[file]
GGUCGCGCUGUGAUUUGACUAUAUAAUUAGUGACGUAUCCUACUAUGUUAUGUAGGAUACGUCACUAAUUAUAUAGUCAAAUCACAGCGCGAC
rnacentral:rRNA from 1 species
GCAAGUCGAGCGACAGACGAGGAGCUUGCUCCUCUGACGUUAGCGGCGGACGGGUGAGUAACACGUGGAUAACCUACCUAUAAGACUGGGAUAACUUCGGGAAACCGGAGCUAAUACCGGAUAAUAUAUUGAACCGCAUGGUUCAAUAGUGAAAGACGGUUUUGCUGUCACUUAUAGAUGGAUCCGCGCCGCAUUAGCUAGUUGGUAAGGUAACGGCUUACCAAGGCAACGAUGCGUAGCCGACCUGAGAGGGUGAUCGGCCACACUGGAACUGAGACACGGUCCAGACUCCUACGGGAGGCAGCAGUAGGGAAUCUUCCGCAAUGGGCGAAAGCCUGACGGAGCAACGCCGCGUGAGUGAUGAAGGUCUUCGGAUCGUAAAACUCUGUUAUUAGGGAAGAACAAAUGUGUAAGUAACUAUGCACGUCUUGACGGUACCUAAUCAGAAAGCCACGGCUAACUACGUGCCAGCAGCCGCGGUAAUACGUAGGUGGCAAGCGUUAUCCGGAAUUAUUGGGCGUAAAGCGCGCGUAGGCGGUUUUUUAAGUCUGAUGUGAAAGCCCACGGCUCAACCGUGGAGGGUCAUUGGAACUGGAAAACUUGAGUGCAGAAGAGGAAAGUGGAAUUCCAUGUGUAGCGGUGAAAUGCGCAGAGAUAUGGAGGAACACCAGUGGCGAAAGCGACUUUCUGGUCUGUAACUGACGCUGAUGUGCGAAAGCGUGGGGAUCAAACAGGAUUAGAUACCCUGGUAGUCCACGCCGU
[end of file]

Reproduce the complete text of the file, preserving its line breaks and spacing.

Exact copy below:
GGUCGCGCUGUGAUUUGACUAUAUAAUUAGUGACGUAUCCUACUAUGUUAUGUAGGAUACGUCACUAAUUAUAUAGUCAAAUCACAGCGCGAC
rnacentral:rRNA from 1 species
GCAAGUCGAGCGACAGACGAGGAGCUUGCUCCUCUGACGUUAGCGGCGGACGGGUGAGUAACACGUGGAUAACCUACCUAUAAGACUGGGAUAACUUCGGGAAACCGGAGCUAAUACCGGAUAAUAUAUUGAACCGCAUGGUUCAAUAGUGAAAGACGGUUUUGCUGUCACUUAUAGAUGGAUCCGCGCCGCAUUAGCUAGUUGGUAAGGUAACGGCUUACCAAGGCAACGAUGCGUAGCCGACCUGAGAGGGUGAUCGGCCACACUGGAACUGAGACACGGUCCAGACUCCUACGGGAGGCAGCAGUAGGGAAUCUUCCGCAAUGGGCGAAAGCCUGACGGAGCAACGCCGCGUGAGUGAUGAAGGUCUUCGGAUCGUAAAACUCUGUUAUUAGGGAAGAACAAAUGUGUAAGUAACUAUGCACGUCUUGACGGUACCUAAUCAGAAAGCCACGGCUAACUACGUGCCAGCAGCCGCGGUAAUACGUAGGUGGCAAGCGUUAUCCGGAAUUAUUGGGCGUAAAGCGCGCGUAGGCGGUUUUUUAAGUCUGAUGUGAAAGCCCACGGCUCAACCGUGGAGGGUCAUUGGAACUGGAAAACUUGAGUGCAGAAGAGGAAAGUGGAAUUCCAUGUGUAGCGGUGAAAUGCGCAGAGAUAUGGAGGAACACCAGUGGCGAAAGCGACUUUCUGGUCUGUAACUGACGCUGAUGUGCGAAAGCGUGGGGAUCAAACAGGAUUAGAUACCCUGGUAGUCCACGCCGU